From my own experience living in Iraq and Lebanon, I know that Muslims are raised and taught to hate anyone who does not believe in their Allah (not the God of Abraham and Moses)!!

But what I cannot ever understand is why some misguided souls in the West (mostly liberals) make excuses and defend what Muslims do???? Have these people lived in the “paradise” that is the Middle East for even one day? Have they seen the Muslim-on-Muslim (different Islamic sects) violence and Muslim-on-non-Muslim violence? The answer of course is an emphatic NO!!

How can a Westerner who grew up in a free country appease or even support or speak positively of Islam or Muslims actions? My take on this is, if that person is an average Joe, and he is uninformed (a topic for another article regarding the role the treasonous media is playing in misleading the general public), I sure hope he/she opens his/her eyes, ears, and mind and SEE and HEAR what’s going on around him/her. On the other hand, if we are talking about politicians, and they are appeasing Islam for the sake of gaining traction with this voting bloc, getting elected and having a cushy government job with endless benefits for life, then they are treasonous people who are selling out their country and countrymen for their own immediate gains!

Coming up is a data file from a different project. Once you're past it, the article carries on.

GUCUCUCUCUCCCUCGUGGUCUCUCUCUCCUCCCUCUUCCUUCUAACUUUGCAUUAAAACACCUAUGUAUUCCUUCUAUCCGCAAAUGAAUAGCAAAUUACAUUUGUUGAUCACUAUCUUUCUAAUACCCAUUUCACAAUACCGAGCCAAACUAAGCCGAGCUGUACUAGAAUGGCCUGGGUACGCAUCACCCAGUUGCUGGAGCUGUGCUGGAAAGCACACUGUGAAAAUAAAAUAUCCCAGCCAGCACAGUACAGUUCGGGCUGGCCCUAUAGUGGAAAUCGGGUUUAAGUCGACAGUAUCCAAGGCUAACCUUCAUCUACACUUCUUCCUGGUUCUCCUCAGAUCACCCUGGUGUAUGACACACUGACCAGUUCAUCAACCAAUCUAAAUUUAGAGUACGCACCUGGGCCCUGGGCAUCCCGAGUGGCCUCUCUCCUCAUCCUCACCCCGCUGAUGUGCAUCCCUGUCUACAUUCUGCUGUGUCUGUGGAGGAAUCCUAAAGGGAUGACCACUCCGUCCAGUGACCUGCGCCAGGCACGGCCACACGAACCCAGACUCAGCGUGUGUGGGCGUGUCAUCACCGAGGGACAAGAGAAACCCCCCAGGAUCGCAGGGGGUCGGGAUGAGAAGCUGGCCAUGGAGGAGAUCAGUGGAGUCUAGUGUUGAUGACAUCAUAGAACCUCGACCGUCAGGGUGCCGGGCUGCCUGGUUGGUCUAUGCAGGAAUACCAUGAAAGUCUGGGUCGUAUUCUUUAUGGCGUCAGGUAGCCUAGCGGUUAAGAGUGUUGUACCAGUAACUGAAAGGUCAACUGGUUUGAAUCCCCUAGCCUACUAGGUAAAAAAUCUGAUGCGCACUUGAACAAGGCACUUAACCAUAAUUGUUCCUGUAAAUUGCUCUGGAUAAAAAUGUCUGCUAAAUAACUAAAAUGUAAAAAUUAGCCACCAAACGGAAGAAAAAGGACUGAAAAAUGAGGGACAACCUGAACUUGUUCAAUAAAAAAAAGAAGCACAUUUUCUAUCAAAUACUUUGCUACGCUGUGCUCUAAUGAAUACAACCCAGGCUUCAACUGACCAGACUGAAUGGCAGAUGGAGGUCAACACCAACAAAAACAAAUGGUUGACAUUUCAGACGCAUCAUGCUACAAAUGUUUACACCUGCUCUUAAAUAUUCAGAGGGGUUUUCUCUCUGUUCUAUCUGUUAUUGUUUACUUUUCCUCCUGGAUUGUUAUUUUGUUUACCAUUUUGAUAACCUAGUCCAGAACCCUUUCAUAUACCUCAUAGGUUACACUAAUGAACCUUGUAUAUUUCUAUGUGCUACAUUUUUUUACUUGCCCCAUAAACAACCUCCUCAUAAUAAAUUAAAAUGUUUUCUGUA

The second and third parts of the article coming soon.

Photo Ashura by Allan Donque made available under an Attribution 2.0 Generic (CC BY 2.0).


  1. Thank you. I look forward to the next instalment.


    1. Thank you, Barney, it'll be posted tomorrow (Saturday).